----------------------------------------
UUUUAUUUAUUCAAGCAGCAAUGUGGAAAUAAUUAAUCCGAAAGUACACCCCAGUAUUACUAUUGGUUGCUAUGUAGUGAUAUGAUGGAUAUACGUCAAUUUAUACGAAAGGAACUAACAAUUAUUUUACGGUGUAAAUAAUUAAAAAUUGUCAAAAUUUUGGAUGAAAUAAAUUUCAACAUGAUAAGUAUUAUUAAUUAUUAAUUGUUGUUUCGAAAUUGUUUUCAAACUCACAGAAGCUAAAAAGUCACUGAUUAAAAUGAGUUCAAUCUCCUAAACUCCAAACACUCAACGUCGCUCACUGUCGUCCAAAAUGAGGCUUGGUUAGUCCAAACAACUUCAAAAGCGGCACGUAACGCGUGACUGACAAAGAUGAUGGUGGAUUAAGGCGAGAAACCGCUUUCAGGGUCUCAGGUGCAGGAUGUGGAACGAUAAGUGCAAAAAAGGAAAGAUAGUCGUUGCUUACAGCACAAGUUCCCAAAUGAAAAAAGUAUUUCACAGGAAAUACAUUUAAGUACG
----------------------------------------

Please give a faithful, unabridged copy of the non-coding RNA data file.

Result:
UUUUAUUUAUUCAAGCAGCAAUGUGGAAAUAAUUAAUCCGAAAGUACACCCCAGUAUUACUAUUGGUUGCUAUGUAGUGAUAUGAUGGAUAUACGUCAAUUUAUACGAAAGGAACUAACAAUUAUUUUACGGUGUAAAUAAUUAAAAAUUGUCAAAAUUUUGGAUGAAAUAAAUUUCAACAUGAUAAGUAUUAUUAAUUAUUAAUUGUUGUUUCGAAAUUGUUUUCAAACUCACAGAAGCUAAAAAGUCACUGAUUAAAAUGAGUUCAAUCUCCUAAACUCCAAACACUCAACGUCGCUCACUGUCGUCCAAAAUGAGGCUUGGUUAGUCCAAACAACUUCAAAAGCGGCACGUAACGCGUGACUGACAAAGAUGAUGGUGGAUUAAGGCGAGAAACCGCUUUCAGGGUCUCAGGUGCAGGAUGUGGAACGAUAAGUGCAAAAAAGGAAAGAUAGUCGUUGCUUACAGCACAAGUUCCCAAAUGAAAAAAGUAUUUCACAGGAAAUACAUUUAAGUACG